reported operations "continuing satisfactorily"
in all areas of Ethiopia. The British are
pressing against Dessye, last major Italian
stronghold, and once it is captured additional
Imperial troops probably will be available for
action in North Africa. ... There was no
change in the situation at Tobruk, Libya,
still held by the British, the communique
reported. ... Royal Air Force headquarters
announced that British bombers had
raided Bengazi, Libya, starting big fires
near a water tower, the telephone exchange,
and military headquarters. Near misses on
ships in the harbor and a violent explosion on
a mole [harbor barrier] also were reported. ...
The British raiders machine-gunned a number
of oil trucks
and other vehicles between Derna
and Barce and shot down a German bomber
attempting to attack ground troops near Solum.
... In operations over Ethiopia, British planes
were said to have attacked fortifications and
troops around Chelga and Bahrdar, in the Lake
Tana
area, and bombed a hanger at Macaaca.
... ... Berlin, Wireless to The New York
Times,
Sunday, April 27, 1941: No important
alteration of the military situation in North
Africa was indicated by today's German High
Command communique. The British were said
to be attacking in the direction of Fort
Capuzzo,
Libya, and Solum, Egypt. ... An
Axis counter-attack, supported by the air force,
is reported to have thrown the advancing
British forces back to the south. In this action,
the High Command declared, seven British
tanks and a number of British armored vehicles
were destroyed. ... British forces in Tobruk
failed in attempts to break through the Axis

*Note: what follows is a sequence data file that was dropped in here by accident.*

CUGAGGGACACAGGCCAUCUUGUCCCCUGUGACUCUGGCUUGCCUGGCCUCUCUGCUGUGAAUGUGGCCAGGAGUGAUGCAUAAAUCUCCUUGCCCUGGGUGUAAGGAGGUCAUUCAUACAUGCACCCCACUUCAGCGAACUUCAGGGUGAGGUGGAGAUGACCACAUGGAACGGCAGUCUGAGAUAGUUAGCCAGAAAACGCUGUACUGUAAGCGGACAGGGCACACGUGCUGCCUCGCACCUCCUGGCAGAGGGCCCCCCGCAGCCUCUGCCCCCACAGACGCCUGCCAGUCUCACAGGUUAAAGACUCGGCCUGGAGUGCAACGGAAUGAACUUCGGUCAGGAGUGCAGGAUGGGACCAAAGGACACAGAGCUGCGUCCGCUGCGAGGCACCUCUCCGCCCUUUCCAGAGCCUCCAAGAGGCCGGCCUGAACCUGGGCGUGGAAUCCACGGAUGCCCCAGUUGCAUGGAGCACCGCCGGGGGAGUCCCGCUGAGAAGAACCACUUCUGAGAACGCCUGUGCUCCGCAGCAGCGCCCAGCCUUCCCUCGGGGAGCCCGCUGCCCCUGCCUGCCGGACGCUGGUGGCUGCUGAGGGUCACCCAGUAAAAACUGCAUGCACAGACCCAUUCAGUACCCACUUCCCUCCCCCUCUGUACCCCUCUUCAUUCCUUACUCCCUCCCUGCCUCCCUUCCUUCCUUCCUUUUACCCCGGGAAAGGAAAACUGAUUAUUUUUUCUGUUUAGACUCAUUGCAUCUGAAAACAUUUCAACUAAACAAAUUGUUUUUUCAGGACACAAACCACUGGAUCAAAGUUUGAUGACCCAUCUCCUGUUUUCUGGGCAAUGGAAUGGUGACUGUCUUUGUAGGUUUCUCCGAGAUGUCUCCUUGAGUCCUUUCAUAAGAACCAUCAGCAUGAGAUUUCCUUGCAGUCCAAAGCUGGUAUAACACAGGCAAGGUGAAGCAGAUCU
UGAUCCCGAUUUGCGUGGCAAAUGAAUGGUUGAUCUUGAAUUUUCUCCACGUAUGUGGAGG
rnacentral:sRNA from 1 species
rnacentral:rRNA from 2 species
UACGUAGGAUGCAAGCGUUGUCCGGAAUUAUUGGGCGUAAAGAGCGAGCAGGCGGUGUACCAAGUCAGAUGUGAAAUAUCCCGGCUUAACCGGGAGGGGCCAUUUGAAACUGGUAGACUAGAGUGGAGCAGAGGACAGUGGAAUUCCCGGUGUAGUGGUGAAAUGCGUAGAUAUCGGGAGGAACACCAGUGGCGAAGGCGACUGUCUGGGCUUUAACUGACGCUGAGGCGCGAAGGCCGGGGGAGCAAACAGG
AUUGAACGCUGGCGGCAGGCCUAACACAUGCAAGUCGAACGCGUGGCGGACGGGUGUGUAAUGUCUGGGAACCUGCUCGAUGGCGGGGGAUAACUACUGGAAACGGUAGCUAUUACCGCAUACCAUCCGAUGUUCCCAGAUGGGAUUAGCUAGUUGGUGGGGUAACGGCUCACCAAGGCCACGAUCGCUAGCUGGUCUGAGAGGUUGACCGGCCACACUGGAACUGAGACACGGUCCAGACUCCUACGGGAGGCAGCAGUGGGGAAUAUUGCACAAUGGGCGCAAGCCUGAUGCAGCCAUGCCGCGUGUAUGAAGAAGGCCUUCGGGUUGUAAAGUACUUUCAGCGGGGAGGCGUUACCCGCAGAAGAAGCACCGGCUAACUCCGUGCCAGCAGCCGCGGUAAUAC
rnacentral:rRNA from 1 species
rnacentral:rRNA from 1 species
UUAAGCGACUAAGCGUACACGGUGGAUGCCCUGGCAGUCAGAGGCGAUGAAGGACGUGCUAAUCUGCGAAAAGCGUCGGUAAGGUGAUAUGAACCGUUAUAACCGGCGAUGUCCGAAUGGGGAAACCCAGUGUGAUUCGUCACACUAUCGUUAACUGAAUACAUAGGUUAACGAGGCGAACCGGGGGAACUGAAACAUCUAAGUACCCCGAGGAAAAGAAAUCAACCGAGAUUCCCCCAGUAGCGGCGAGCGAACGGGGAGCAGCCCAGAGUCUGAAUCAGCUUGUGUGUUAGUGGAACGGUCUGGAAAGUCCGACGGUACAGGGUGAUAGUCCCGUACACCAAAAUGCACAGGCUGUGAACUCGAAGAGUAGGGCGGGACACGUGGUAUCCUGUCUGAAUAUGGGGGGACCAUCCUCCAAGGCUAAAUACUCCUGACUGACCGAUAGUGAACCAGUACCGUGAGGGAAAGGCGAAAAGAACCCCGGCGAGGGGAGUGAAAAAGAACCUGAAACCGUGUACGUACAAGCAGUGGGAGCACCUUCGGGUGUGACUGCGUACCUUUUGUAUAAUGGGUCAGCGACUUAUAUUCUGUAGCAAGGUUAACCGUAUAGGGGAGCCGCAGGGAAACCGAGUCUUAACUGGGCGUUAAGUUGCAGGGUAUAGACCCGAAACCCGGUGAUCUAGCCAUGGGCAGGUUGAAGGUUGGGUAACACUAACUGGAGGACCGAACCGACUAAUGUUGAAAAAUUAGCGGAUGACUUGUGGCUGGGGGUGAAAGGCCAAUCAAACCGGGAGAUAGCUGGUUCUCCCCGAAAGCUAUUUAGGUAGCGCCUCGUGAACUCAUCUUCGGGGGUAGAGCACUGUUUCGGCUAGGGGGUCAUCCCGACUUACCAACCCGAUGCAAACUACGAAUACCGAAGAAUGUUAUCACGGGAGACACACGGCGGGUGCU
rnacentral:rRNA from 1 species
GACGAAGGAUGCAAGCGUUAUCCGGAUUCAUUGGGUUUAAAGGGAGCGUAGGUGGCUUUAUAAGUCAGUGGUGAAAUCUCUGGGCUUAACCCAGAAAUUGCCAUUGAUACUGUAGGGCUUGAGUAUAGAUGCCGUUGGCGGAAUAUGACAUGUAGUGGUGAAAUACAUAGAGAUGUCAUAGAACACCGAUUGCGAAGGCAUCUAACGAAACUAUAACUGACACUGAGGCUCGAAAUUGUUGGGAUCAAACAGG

lines around this city, the Germans stated. ...
... Rome, By Telephone to The New York
Times,
Sunday, April 27, 1941: In the recent
British aero-naval bombardment of Tripoli,
Libya, [April 22] 101 persons were killed and
about 300 wounded, it was announced in
today's war bulletin. ... ... Berlin, By
Telephone to The New York Times,
By C.
Brooks Peters, Sunday, April 27, 1941: The
Greek campaign is rapidly approaching its
definitive conclusion, judging from several
special announcements released [Sunday]. ...
Athens was taken this morning. ... Any hope
the British might have entertained of offering
resistance on the Peloponnesus appeared to
have been shattered by the force of the
German drive. Yesterday morning German
parachute troops [part of the Air Force]
descended on the isthmus of Corinth, captured
the isthmus itself, and proceeded to take the
city of Corinth. Numerous British prisoners
were taken, while the remnants of the forces
fled in disorder. ... The Adolf Hitler Division of
the Elite Guard
[a branch of the S.S. (not part of
the Army)],
after advancing southward west of
the Pindus Mountains, crossed the Gulf of
Patras
at the entrance of the Gulf of Corinth
under fire, thus entering the Peloponnesus
from the north, overcame resistance at Patras,
and took the port, it was also announced.

[Stay tuned for late breaking war bulletins.
... Globalization41.]